gamificationA recent story about Reflexion Health’s Virtual Exercise Rehabilitation Assistant (VERA) points to the continuing progress that is being made in moving medical care out of the hospital and into the home.

That trend has been underway for some time, and I think it will accelerate in the years ahead. With the continuing pressure on reducing costs, health care providers are hoping that technology enabling fewer in-person hospital, clinic and doctor visits will provide one means of doing that.

What I find interesting about this story is the change in focus from when the VERA system received FDA clearance back in November of 2015. An article from that time talks about the system as a video game that coaches users on the correct way to perform rehabilitation exercises. In the most recent article, Reflexion is deliberate in emphasizing that the system is not a game, but an approach based on medical rigor: “We at Reflexion Health think rehabilitation is serious medicine. If you look at VERA versus other products, we have not gamified that. VERA offers specific clinician instructions and measures and compares patient data against a prescribed exercise protocol… We take a pretty strict medical approach to this as opposed to pretending it is a game.”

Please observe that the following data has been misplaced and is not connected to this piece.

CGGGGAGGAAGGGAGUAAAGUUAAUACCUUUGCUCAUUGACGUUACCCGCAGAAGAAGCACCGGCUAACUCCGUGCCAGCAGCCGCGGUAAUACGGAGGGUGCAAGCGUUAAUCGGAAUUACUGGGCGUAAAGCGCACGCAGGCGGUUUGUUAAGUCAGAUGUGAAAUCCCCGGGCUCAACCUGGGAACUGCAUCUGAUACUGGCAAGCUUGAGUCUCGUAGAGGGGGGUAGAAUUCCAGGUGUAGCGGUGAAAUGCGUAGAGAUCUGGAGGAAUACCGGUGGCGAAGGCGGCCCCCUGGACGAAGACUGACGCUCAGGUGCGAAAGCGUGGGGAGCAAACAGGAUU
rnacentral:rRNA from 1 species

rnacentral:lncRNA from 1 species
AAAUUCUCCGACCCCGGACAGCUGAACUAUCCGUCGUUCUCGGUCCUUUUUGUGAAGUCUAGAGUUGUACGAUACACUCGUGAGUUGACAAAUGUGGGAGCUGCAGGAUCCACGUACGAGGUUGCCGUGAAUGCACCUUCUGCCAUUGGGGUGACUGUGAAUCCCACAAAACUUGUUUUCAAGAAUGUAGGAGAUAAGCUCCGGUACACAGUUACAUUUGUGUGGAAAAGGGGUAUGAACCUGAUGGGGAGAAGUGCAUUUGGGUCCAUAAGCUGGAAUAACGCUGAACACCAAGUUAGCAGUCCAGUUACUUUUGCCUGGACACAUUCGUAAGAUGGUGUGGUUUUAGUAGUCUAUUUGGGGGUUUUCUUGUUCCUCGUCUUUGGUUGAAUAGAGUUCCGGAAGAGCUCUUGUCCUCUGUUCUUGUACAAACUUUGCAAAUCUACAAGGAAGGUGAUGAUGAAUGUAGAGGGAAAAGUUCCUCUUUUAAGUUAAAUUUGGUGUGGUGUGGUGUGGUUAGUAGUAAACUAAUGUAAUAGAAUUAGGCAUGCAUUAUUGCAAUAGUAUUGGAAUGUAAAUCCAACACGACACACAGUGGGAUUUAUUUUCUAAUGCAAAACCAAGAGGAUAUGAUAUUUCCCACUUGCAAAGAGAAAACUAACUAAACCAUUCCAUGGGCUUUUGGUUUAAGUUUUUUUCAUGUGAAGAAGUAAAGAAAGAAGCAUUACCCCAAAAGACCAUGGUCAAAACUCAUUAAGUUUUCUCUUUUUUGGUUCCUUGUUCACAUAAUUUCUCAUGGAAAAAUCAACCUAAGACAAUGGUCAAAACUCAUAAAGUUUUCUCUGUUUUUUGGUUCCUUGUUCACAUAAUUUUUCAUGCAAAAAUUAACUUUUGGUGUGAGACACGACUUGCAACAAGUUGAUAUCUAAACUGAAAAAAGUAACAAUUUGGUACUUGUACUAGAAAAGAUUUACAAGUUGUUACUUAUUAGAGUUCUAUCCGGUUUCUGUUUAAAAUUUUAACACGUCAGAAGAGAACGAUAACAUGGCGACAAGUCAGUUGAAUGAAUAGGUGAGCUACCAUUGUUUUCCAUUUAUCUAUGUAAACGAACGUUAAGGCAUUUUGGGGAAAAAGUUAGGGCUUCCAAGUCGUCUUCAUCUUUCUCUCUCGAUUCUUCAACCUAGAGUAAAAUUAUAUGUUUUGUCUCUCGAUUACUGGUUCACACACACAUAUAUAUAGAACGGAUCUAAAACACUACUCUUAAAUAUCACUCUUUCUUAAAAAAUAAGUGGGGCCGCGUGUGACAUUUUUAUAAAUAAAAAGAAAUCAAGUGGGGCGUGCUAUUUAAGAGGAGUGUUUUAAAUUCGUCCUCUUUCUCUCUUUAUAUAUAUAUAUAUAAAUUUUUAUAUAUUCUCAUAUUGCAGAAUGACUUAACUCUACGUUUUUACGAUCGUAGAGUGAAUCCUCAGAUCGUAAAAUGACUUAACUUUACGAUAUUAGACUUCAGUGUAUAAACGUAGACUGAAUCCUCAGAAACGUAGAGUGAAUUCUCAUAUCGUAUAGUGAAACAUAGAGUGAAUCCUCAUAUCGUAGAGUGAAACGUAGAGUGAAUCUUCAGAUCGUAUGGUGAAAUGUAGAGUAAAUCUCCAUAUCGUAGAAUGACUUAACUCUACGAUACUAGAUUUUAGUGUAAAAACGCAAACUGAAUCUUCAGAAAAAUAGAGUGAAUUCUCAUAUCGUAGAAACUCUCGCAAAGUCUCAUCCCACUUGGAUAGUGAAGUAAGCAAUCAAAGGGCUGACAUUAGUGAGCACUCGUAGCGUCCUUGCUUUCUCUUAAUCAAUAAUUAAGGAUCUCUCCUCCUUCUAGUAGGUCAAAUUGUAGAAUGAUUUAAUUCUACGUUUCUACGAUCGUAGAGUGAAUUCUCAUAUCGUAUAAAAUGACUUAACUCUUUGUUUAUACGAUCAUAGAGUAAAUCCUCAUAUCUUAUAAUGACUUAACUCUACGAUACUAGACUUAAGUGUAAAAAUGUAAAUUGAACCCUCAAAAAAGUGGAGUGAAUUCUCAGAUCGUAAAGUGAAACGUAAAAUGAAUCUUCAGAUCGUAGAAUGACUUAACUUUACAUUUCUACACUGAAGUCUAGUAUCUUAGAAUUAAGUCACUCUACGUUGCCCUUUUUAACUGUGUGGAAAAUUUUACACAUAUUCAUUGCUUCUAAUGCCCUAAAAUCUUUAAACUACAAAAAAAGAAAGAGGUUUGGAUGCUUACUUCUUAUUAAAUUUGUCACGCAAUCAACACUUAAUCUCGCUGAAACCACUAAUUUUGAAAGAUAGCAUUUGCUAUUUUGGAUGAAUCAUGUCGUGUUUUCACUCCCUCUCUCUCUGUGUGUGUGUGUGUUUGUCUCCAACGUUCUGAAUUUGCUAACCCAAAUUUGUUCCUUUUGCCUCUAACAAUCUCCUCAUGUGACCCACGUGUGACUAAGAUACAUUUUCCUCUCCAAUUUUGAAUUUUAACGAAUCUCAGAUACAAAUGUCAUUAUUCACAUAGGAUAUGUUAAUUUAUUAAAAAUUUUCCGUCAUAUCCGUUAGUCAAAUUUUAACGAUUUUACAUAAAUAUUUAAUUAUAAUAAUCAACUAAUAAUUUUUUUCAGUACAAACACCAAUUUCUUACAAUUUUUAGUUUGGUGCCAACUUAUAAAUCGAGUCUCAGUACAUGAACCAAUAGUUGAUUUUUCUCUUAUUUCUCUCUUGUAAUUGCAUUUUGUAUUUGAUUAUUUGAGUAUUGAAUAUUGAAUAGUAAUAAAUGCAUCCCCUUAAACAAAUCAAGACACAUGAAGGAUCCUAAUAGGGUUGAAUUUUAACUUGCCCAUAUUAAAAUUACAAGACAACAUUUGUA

That is significant. Gamification was perceived as a way to encourage compliance. Apparently, allowing the system to be promoted as a game was a detriment that Reflexion is now taking care to disassociate itself from. If you are thinking about ways to gamify therapy, you might want to think twice.